Set against the backdrop of 1960s San Francisco, BIRTH OF THE DRAGON is a modern take on the classic movies that Bruce Lee was known for. It takes its inspiration from the epic and still controversial showdown between an up-and-coming Bruce Lee and kung fu master Wong Jack Man - a battle that gave birth to a legend.
A humble businessman with a buried past seeks justice when his daughter is killed in an act of terrorism. A cat-and-mouse conflict ensues with a government official, whose past may hold clues to the killers' identities.
When the network of satellites designed to control the global climate starts to attack Earth, it's a race against the clock for its creator to uncover the real threat before a worldwide Geostorm wipes out everything and everyone.
In 1964, a young Bruce Lee owns and operates a San Francisco Kung Fu Academy, specializing in the Chinese martial art Wing Chun. Lee cares for his students, providing advice, roles as extras in his upcoming projects, and defending them from the gangs of Chinatown. One of Lee's students, Steve McKee, spars with Lee while fighting in anger, causing Lee to counter and embarrass him. McKee and Vinnie Wei work for the latter's mother's laundry business, where they find out that master Wong Jack Man is on a pilgrimage from China to observe the Kung Fu scene in the United States. While carrying out a delivery to the China Gate restaurant, McKee falls for an employee, Xiulan, who is forbidden to communicate with anyone on the outside. One night, McKee sneaks over to the restaurant to give her a grammar book, teaching her fellow roommates basic English..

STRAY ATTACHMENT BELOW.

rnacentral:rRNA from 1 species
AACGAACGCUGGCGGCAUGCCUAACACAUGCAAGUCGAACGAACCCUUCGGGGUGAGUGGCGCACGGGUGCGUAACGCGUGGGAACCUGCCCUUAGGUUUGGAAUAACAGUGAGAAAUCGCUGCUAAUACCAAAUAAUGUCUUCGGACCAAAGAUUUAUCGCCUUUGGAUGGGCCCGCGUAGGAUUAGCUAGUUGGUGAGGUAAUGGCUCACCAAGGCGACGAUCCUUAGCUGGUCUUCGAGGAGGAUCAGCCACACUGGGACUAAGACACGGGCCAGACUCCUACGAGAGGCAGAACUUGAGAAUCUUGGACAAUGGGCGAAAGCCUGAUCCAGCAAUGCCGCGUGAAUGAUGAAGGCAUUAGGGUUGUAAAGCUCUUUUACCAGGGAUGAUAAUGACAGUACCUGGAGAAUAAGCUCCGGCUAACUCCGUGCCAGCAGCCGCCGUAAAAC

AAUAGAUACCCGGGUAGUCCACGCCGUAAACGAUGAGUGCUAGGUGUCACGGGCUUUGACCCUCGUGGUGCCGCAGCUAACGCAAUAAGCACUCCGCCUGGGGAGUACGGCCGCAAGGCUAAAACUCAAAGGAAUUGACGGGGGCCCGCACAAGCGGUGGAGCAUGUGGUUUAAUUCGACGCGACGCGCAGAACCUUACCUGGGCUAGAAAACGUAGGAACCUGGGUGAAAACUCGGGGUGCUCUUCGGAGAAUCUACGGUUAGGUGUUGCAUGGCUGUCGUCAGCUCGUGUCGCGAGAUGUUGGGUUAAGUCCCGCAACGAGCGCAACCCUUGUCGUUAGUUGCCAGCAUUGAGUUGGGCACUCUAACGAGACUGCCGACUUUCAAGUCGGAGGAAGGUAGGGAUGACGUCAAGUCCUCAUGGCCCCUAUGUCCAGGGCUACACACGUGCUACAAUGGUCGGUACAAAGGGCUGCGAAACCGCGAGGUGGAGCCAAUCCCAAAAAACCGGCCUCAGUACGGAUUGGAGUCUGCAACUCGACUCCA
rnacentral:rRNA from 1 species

Linda Lee Cadwell, who was a witness to the actual fight, described it as happening like thus:
"There was not bowing. There was not all that kind of thing. They just faced-off and went at it. Bruce threw the first punch, and did hit Wong Jack Man around his eye. Bruce started to use a series of straight punches and Wong could not retaliate. Wong turned, and he started to run. And Bruce was just after him. Wong went down on the ground, and Bruce was instantly over him with a fist raised and said, in Chinese, "Do you give up?" And he said, "Yes." And that was the end." See more »
The term "chopsocky" used by one of the gangsters in the final fight wasn't coined until 1974 in a Variety magazine article on the explosion of kung fu films in the US. See more »
You're a great advertisement for our training.
[telling a former student he sees badly beaten in an alley way]
[he says weakly]
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A few of the job titles in the scrolling credits such as "stunt coordinator" and "set designer" change back and forth from English to Chinese. See more »